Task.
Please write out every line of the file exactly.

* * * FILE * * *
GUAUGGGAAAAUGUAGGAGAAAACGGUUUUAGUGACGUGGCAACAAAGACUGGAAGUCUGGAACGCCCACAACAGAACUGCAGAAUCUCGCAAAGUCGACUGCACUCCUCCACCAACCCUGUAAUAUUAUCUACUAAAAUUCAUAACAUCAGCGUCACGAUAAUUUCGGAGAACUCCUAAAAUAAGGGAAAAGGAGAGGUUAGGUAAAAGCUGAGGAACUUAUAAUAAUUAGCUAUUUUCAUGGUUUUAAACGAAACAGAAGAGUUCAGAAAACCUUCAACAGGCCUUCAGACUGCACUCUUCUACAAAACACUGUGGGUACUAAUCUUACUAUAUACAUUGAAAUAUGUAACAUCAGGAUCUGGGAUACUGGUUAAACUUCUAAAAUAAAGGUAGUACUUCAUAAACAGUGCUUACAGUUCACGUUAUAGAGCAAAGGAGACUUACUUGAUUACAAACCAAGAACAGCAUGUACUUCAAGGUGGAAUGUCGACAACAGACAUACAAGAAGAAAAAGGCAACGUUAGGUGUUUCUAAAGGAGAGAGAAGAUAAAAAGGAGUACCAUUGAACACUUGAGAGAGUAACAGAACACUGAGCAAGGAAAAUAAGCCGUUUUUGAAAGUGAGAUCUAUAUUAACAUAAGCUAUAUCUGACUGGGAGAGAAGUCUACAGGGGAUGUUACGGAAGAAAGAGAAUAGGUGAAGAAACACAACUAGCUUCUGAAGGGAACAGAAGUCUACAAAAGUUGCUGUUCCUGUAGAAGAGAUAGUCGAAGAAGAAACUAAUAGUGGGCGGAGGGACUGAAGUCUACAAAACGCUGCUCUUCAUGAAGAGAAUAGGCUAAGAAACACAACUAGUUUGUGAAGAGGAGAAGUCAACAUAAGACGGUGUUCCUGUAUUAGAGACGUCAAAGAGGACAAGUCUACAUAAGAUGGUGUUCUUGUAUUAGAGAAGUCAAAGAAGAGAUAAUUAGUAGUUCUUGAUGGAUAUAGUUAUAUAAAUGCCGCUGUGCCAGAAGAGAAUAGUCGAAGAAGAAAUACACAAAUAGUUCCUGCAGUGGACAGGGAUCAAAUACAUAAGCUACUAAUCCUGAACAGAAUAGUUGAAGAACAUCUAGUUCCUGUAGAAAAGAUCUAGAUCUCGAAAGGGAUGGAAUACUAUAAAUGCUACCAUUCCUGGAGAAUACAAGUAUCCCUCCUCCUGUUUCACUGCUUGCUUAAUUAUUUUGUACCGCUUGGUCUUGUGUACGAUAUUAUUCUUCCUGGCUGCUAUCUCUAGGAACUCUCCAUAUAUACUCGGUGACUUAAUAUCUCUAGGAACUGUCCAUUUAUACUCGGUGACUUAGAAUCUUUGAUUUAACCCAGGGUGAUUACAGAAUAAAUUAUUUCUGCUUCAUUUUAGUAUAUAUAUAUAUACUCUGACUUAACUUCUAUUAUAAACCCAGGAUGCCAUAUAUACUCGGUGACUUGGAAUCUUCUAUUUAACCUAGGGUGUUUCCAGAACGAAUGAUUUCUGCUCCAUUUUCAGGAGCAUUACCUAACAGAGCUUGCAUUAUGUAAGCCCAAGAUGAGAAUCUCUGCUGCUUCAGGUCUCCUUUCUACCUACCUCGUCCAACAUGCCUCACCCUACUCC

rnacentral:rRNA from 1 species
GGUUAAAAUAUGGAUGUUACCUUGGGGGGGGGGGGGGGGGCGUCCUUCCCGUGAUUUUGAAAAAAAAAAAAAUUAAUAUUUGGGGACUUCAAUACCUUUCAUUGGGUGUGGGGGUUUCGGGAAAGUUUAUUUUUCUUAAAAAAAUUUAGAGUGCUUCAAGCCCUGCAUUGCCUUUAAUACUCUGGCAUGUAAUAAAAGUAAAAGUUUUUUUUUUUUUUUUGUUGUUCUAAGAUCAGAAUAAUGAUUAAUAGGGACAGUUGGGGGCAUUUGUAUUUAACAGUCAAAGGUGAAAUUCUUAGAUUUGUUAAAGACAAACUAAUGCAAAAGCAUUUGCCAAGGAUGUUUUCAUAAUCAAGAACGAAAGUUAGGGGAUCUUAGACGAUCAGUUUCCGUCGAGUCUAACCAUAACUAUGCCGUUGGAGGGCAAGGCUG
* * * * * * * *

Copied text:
GUAUGGGAAAAUGUAGGAGAAAACGGUUUUAGUGACGUGGCAACAAAGACUGGAAGUCUGGAACGCCCACAACAGAACUGCAGAAUCUCGCAAAGUCGACUGCACUCCUCCACCAACCCUGUAAUAUUAUCUACUAAAAUUCAUAACAUCAGCGUCACGAUAAUUUCGGAGAACUCCUAAAAUAAGGGAAAAGGAGAGGUUAGGUAAAAGCUGAGGAACUUAUAAUAAUUAGCUAUUUUCAUGGUUUUAAACGAAACAGAAGAGUUCAGAAAACCUUCAACAGGCCUUCAGACUGCACUCUUCUACAAAACACUGUGGGUACUAAUCUUACUAUAUACAUUGAAAUAUGUAACAUCAGGAUCUGGGAUACUGGUUAAACUUCUAAAAUAAAGGUAGUACUUCAUAAACAGUGCUUACAGUUCACGUUAUAGAGCAAAGGAGACUUACUUGAUUACAAACCAAGAACAGCAUGUACUUCAAGGUGGAAUGUCGACAACAGACAUACAAGAAGAAAAAGGCAACGUUAGGUGUUUCUAAAGGAGAGAGAAGAUAAAAAGGAGUACCAUUGAACACUUGAGAGAGUAACAGAACACUGAGCAAGGAAAAUAAGCCGUUUUUGAAAGUGAGAUCUAUAUUAACAUAAGCUAUAUCUGACUGGGAGAGAAGUCUACAGGGGAUGUUACGGAAGAAAGAGAAUAGGUGAAGAAACACAACUAGCUUCUGAAGGGAACAGAAGUCUACAAAAGUUGCUGUUCCUGUAGAAGAGAUAGUCGAAGAAGAAACUAAUAGUGGGCGGAGGGACUGAAGUCUACAAAACGCUGCUCUUCAUGAAGAGAAUAGGCUAAGAAACACAACUAGUUUGUGAAGAGGAGAAGUCAACAUAAGACGGUGUUCCUGUAUUAGAGACGUCAAAGAGGACAAGUCUACAUAAGAUGGUGUUCUUGUAUUAGAGAAGUCAAAGAAGAGAUAAUUAGUAGUUCUUGAUGGAUAUAGUUAUAUAAAUGCCGCUGUGCCAGAAGAGAAUAGUCGAAGAAGAAAUACACAAAUAGUUCCUGCAGUGGACAGGGAUCAAAUACAUAAGCUACUAAUCCUGAACAGAAUAGUUGAAGAACAUCUAGUUCCUGUAGAAAAGAUCUAGAUCUCGAAAGGGAUGGAAUACUAUAAAUGCUACCAUUCCUGGAGAAUACAAGUAUCCCUCCUCCUGUUUCACUGCUUGCUUAAUUAUUUUGUACCGCUUGGUCUUGUGUACGAUAUUAUUCUUCCUGGCUGCUAUCUCUAGGAACUCUCCAUAUAUACUCGGUGACUUAAUAUCUCUAGGAACUGUCCAUUUAUACUCGGUGACUUAGAAUCUUUGAUUUAACCCAGGGUGAUUACAGAAUAAAUUAUUUCUGCUUCAUUUUAGUAUAUAUAUAUAUACUCUGACUUAACUUCUAUUAUAAACCCAGGAUGCCAUAUAUACUCGGUGACUUGGAAUCUUCUAUUUAACCUAGGGUGUUUCCAGAACGAAUGAUUUCUGCUCCAUUUUCAGGAGCAUUACCUAACAGAGCUUGCAUUAUGUAAGCCCAAGAUGAGAAUCUCUGCUGCUUCAGGUCUCCUUUCUACCUACCUCGUCCAACAUGCCUCACCCUACUCC

rnacentral:rRNA from 1 species
GGUUAAAAUAUGGAUGUUACCUUGGGGGGGGGGGGGGGGGCGUCCUUCCCGUGAUUUUGAAAAAAAAAAAAAUUAAUAUUUGGGGACUUCAAUACCUUUCAUUGGGUGUGGGGGUUUCGGGAAAGUUUAUUUUUCUUAAAAAAAUUUAGAGUGCUUCAAGCCCUGCAUUGCCUUUAAUACUCUGGCAUGUAAUAAAAGUAAAAGUUUUUUUUUUUUUUUUGUUGUUCUAAGAUCAGAAUAAUGAUUAAUAGGGACAGUUGGGGGCAUUUGUAUUUAACAGUCAAAGGUGAAAUUCUUAGAUUUGUUAAAGACAAACUAAUGCAAAAGCAUUUGCCAAGGAUGUUUUCAUAAUCAAGAACGAAAGUUAGGGGAUCUUAGACGAUCAGUUUCCGUCGAGUCUAACCAUAACUAUGCCGUUGGAGGGCAAGGCUG